4.Which part of blogging do you enjoy most?
When someone appreciates and above all when others give me a feedback on how much they loved the dishes they made following my recipes.
5.Which are the best recipes your family and friends enjoy most that you would like the readers to try?
My little one loves the homemade cakes and breads for snack, and of course the chicken and fish dishes. The man loves sweets, so I make them often for him. A party at my place always have the tikka kebab on the menu. Traditional bengali dishes both vegetarian and non-vegetarian are also loved by all.
Thanks to Meena to giving this platform to share my story. Thanks for her patience to answer my silliest questions and continuously encouraging me to do this post. I was not sure about what to cook for this guest post, so I again poked Meena to help me to decide. And as she suggested some traditional Bengali dish I opted for something with fish. We Bongs are famous for our different fish dishes. So here is a very traditional Bengali dish for you all.
Fish Paturi is a traditional delicacy of Bengal. Paturi is essentially a piece of marinated fish wrapped in banana leaf and cooked to perfection. Mustard paste and green chilies are the main ingredients for the marination. And of course mustard oil is the other must to add ingredient in a paturi. Bhetki fish being fleshy, flavorful and easy to fillet, is the first choice for making paturi. Next in the line are Hilsa, rohu or other fishes.
My all time favorite is a traditional bhetki paturi. But unfortunately we don’t get fresh bhetki fillets here. So I tried my another favorite, prawn to make paturi.
Things needed to make Prawn Paturi:
Large prawns: 6
Black mustard paste: 1.5 tbsp
Yellow mustard paste: 1.5 tbsp
Poppy seed paste: 3 tbsp
Coconut paste: 6-8 tbsp
Green chilies: 6-8
Turmeric powder: 1 tsp
Salt to taste
Mustard oil: 1/4 cup
Banana leaf to wrap the prawns
Steps of making Prawn Paturi:
1. Clean, devein and wash the prawn. Smear the prawn with salt and turmeric powder, keep aside for 15 min.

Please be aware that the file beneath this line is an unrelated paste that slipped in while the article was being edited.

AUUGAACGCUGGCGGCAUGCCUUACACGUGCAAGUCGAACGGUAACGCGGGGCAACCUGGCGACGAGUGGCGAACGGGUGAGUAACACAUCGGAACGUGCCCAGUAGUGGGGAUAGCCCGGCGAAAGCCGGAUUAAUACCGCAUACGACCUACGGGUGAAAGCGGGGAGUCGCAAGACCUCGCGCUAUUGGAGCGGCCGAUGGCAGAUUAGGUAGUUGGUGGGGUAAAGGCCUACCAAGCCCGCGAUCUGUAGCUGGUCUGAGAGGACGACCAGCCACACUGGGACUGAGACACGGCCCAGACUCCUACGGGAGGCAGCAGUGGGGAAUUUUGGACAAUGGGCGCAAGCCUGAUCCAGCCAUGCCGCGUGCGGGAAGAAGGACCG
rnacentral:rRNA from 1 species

2. Prepare all the paste. While making the mustard paste add a pinch of salt and a green chili to the grinder, that will prevent the mustard paste taste bitter.
3. In a bowl mix all the paste, mustard, poppy, coconut add mustard oil, salt, turmeric powder, mix well. Marinate the prawns in this mixture for 30-40 min.
4. Cut and wash the banana leaves to required size. Banana leaves are very fragile, breaks easily if you fold them. To prevent that heat the leaves over medium flame, the leaves will change color to darker green and will be easily fold-able.
5. Place a banana leaf, put a prawn with some marinate on the leaf, drizzle a spoon full of mustard oil and a stilted green chili, wrap the leaf to cover the prawn, tie with a kitchen twine. Repeat the process for all other prawns.
6. Brush a heavy bottom pan with mustard oil, place the prawns wrapped in banana leaves in a single layer. Cook over medium heat for 15 min. Turn in between.
7.Take out from the pan and let rest for 5-6 min. Serve with hot steaming rice. And discard the banana leaf before eating.
Thank you so much Chitrangada . My Bengal ties are stronger now:). Wish your blog all the good luck.Hope you succeed in all your endeavors in the years to come.
I am sure my Malayali friends would be thinking the prawn paturi is the look alike of meen polichathu 🙂 except for the regional difference of using mustard and mustard oil instead of coconut products.So now you know why I visit the blog often 🙂